Barrett's Esophagus

Research at Johns Hopkins

Can in vivo endomicroscopy help physicians detect precancerous changes and early cancers in Barrett's esophagus?

In Vivo Confocal Endomicroscopy for Improved Diagnosis of Barrett's Esophagus and Associated Neoplasia: A Multicenter Randomized Controlled Trial of Diagnostic Yield and Clinical Impact

The Johns Hopkins Hospital is leading a multicenter research study to determine the best way to identify cancer in people with Barrett's esophagus. Gastroenterologists will compare 2 different techniques (high resolution endoscopy (HRE) and confocal laser endomicroscopy (EM) to examine the esophagus. Endomicroscopy is a relatively new advance in endoscopic imaging, to see highly magnified pictures of the esophageal lining and better guide the places to take biopsies. . The research study will evaluate what EM adds to high definition video endoscopy in patients undergoing routine evaluation or those with suspected pre-cancer (dysplasia) or early cancers.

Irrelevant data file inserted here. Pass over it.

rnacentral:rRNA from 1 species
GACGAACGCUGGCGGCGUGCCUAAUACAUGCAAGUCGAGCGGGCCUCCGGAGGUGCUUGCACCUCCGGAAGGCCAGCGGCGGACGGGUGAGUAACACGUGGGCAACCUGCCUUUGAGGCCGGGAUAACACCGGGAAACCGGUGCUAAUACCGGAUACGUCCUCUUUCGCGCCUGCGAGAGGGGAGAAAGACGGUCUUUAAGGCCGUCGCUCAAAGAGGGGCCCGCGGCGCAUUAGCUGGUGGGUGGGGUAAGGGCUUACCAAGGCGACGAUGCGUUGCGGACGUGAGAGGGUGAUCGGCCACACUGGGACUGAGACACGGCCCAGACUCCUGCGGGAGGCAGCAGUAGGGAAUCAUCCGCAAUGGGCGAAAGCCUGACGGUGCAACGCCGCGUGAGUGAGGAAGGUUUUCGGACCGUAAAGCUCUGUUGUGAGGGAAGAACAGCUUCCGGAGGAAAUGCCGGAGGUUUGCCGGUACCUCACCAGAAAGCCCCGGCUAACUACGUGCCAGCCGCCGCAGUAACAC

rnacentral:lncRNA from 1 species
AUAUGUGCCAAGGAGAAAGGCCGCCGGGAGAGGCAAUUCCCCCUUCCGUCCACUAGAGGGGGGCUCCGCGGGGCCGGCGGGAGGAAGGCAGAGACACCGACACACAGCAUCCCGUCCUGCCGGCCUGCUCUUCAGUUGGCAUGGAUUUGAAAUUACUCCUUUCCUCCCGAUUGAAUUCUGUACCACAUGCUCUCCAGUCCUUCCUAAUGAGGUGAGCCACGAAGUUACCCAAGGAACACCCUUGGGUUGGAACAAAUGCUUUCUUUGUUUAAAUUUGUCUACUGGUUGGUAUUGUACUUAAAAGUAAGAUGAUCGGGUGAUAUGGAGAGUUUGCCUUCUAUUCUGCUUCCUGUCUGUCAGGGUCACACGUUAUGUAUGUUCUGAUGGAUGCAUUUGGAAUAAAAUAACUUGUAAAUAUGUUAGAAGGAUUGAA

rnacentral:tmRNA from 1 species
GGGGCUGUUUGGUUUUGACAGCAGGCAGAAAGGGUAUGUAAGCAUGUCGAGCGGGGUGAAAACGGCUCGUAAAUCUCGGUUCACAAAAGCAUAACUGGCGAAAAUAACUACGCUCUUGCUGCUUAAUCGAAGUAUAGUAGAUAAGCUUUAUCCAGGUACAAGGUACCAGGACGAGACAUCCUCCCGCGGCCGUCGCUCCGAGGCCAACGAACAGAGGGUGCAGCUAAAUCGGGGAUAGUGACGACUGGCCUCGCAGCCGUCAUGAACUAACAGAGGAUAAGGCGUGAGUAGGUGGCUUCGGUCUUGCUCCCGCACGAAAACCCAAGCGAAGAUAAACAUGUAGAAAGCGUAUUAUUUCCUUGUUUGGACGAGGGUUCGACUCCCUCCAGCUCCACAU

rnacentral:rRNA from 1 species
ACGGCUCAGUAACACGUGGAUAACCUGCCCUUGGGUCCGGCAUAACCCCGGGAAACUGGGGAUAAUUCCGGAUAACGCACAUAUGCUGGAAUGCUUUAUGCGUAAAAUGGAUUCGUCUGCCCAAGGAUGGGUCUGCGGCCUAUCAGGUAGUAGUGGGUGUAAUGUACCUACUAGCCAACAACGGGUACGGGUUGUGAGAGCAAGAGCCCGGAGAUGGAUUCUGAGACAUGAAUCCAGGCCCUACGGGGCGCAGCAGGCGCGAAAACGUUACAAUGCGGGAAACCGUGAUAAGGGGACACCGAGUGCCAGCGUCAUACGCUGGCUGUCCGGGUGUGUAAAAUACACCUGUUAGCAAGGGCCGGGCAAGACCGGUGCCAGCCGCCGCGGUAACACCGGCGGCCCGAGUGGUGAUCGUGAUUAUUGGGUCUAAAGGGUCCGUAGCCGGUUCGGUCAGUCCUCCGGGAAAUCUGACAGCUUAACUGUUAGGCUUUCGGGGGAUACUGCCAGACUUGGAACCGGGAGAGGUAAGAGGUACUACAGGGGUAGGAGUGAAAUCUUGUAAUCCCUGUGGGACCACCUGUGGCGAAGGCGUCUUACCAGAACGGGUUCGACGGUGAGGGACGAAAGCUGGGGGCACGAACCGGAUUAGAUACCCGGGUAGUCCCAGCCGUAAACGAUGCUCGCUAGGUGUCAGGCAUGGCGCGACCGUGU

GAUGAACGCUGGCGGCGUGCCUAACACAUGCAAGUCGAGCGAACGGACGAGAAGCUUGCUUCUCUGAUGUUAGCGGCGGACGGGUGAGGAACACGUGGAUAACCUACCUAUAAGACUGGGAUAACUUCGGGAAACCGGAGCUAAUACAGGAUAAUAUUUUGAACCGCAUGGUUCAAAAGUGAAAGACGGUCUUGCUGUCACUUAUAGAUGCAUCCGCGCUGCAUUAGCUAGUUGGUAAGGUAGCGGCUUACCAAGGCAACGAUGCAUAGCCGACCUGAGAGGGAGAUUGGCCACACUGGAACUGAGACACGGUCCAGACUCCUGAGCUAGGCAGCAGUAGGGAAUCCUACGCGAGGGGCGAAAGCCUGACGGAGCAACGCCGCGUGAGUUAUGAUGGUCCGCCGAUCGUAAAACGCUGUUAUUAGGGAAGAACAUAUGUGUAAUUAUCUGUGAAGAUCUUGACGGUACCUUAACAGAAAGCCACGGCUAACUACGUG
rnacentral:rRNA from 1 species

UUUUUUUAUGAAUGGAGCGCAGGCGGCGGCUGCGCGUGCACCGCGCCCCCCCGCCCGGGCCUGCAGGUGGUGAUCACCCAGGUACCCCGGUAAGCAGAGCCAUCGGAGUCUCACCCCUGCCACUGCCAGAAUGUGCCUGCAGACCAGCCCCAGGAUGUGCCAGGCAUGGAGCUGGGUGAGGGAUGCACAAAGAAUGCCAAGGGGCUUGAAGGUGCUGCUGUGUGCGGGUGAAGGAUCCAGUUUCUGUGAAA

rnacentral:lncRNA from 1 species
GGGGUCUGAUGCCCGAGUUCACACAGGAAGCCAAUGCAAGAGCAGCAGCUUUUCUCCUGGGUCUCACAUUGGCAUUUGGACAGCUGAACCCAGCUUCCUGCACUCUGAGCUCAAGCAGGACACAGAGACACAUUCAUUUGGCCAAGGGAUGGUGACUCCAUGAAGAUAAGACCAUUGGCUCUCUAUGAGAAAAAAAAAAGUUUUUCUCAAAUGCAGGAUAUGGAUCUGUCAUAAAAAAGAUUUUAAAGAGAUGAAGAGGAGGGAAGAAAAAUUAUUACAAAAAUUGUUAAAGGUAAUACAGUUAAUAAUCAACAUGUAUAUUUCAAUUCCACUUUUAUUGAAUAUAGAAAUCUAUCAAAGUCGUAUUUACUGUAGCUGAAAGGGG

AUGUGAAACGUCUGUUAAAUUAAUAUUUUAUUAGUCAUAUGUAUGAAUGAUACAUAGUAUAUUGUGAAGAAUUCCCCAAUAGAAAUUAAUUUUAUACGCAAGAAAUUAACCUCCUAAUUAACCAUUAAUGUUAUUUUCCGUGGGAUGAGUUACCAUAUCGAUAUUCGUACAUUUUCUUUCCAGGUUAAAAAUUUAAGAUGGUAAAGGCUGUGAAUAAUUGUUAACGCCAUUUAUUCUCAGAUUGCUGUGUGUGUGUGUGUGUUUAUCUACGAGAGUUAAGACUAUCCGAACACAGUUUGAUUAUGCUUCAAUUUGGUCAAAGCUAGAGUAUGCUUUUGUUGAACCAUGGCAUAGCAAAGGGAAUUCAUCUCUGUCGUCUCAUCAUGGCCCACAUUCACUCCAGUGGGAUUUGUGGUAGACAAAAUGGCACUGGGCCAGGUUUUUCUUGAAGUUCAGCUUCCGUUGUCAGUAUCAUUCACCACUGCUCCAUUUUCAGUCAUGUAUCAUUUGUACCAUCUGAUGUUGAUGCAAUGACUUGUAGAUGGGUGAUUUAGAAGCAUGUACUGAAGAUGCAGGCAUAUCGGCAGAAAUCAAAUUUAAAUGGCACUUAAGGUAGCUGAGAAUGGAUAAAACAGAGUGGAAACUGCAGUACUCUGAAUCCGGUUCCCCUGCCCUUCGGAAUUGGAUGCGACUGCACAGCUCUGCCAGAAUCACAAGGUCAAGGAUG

Adult patients aged 18- 80 years with known Barrett's esophagus may be eligible for this research study. Eligible patients will be studied with HRE or HRE plus EM. A standard of care systematic biopsy protocol will be performed in all patients, in addition to targeted sampling of suspicious areas after careful endoscopic evaluation.

This international, multicenter, double-blind randomized controlled trial will recruit a total of 200 patients over 1 year at 5 sites (Johns Hopkins in Baltimore, The Cleveland Clinic Foundation in Cleveland, Mt. Sinai Hospital in New York, Massachusetts General Hospital in Boston, and University of Mainz Germany).

Interested individuals can contact the study team at Johns Hopkins (call 410-502-9795 or 410-502-2893, or e-mail ).

JHM IRB study number NA_00025471
Principal investigator: Marcia Irene Canto, MD., MHS



Confocal Endomicroscopy for Improved Diagnosis of Barrett's Esophagus and Associated Neoplasia:

This research study being performed at Johns Hopkins is using a new type of endoscopy, confocal endomicroscopy, to examine the esophagus and GI tract. The confocal endomicroscope magnifies the mucosa 1000 times normal, so microscopic pictures of cells can be obtained. The study is trying to find a better way to identify dysplasia and early cancers in patients with Barrett's esophagus.

For information, contact Dr. Marcia Canto's and Dr. Kerry Dunbar's office at 410-614-5388.